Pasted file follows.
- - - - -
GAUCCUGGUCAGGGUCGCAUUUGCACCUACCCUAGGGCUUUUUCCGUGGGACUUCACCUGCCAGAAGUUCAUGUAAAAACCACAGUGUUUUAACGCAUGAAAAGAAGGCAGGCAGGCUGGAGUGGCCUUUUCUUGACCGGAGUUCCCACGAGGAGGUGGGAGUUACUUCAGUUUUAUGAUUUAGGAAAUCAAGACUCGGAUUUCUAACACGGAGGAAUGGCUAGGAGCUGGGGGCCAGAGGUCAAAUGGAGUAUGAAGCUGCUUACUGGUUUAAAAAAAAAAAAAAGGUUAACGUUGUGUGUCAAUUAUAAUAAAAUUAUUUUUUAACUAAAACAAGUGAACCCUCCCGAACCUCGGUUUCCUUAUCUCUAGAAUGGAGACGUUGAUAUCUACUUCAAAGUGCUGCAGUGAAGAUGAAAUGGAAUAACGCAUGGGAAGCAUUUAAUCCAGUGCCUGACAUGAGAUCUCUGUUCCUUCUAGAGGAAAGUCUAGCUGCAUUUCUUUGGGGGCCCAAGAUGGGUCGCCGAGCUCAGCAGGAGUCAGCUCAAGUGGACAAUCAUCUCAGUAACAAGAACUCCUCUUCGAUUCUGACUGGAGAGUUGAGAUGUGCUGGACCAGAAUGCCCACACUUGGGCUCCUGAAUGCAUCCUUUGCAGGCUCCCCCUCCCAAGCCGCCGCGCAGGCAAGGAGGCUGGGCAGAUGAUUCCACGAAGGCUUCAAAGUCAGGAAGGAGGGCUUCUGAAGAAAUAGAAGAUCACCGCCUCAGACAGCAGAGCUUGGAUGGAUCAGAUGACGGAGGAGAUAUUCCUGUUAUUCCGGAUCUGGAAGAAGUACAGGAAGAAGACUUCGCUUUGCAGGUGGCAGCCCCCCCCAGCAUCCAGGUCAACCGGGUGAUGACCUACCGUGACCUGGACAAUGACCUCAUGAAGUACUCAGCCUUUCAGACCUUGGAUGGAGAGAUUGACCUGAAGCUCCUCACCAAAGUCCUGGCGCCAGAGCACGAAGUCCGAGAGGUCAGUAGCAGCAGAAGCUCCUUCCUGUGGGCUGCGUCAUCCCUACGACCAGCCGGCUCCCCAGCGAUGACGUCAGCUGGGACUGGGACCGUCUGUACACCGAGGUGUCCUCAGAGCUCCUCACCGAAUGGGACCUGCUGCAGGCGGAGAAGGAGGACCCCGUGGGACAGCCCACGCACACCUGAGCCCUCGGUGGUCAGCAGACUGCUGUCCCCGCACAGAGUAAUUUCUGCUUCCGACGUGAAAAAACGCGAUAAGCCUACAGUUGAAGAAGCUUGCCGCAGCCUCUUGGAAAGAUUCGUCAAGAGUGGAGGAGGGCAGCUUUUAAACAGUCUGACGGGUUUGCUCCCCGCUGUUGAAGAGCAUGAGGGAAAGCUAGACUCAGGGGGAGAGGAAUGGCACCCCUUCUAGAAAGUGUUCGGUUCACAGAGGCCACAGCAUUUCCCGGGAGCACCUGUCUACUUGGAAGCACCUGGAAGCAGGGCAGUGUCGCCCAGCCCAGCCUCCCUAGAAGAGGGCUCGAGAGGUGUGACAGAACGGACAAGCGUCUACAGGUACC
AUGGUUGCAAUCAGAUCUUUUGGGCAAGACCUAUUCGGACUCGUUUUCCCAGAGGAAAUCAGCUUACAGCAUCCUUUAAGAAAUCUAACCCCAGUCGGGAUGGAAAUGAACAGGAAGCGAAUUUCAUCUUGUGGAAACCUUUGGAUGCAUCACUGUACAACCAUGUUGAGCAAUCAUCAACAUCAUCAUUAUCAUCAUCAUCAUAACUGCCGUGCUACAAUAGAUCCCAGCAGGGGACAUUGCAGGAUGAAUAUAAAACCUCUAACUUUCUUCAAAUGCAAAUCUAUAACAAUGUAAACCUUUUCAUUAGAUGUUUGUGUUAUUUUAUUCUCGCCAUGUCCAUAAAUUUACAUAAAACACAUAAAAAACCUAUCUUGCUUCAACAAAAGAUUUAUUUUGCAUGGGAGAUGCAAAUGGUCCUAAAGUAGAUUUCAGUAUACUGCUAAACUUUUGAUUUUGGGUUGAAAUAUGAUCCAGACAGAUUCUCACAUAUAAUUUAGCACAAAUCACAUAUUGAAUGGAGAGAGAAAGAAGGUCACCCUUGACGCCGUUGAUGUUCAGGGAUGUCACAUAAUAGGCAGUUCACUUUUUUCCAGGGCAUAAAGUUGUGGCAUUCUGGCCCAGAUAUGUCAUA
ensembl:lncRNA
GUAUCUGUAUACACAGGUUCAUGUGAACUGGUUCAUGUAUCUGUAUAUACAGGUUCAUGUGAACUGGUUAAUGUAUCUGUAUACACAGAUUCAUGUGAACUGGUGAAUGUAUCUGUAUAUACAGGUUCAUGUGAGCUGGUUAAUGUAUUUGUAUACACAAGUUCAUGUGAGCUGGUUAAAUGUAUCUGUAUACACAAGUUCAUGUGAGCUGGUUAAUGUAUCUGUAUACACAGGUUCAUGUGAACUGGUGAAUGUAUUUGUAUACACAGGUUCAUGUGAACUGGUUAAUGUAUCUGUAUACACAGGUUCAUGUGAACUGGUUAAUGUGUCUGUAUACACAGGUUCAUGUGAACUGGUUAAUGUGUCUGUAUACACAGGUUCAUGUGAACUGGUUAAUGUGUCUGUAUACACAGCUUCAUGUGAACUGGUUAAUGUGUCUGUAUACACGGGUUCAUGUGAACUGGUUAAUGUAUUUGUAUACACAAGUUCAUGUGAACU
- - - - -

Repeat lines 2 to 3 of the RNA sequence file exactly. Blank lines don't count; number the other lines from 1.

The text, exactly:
AUGGUUGCAAUCAGAUCUUUUGGGCAAGACCUAUUCGGACUCGUUUUCCCAGAGGAAAUCAGCUUACAGCAUCCUUUAAGAAAUCUAACCCCAGUCGGGAUGGAAAUGAACAGGAAGCGAAUUUCAUCUUGUGGAAACCUUUGGAUGCAUCACUGUACAACCAUGUUGAGCAAUCAUCAACAUCAUCAUUAUCAUCAUCAUCAUAACUGCCGUGCUACAAUAGAUCCCAGCAGGGGACAUUGCAGGAUGAAUAUAAAACCUCUAACUUUCUUCAAAUGCAAAUCUAUAACAAUGUAAACCUUUUCAUUAGAUGUUUGUGUUAUUUUAUUCUCGCCAUGUCCAUAAAUUUACAUAAAACACAUAAAAAACCUAUCUUGCUUCAACAAAAGAUUUAUUUUGCAUGGGAGAUGCAAAUGGUCCUAAAGUAGAUUUCAGUAUACUGCUAAACUUUUGAUUUUGGGUUGAAAUAUGAUCCAGACAGAUUCUCACAUAUAAUUUAGCACAAAUCACAUAUUGAAUGGAGAGAGAAAGAAGGUCACCCUUGACGCCGUUGAUGUUCAGGGAUGUCACAUAAUAGGCAGUUCACUUUUUUCCAGGGCAUAAAGUUGUGGCAUUCUGGCCCAGAUAUGUCAUA
ensembl:lncRNA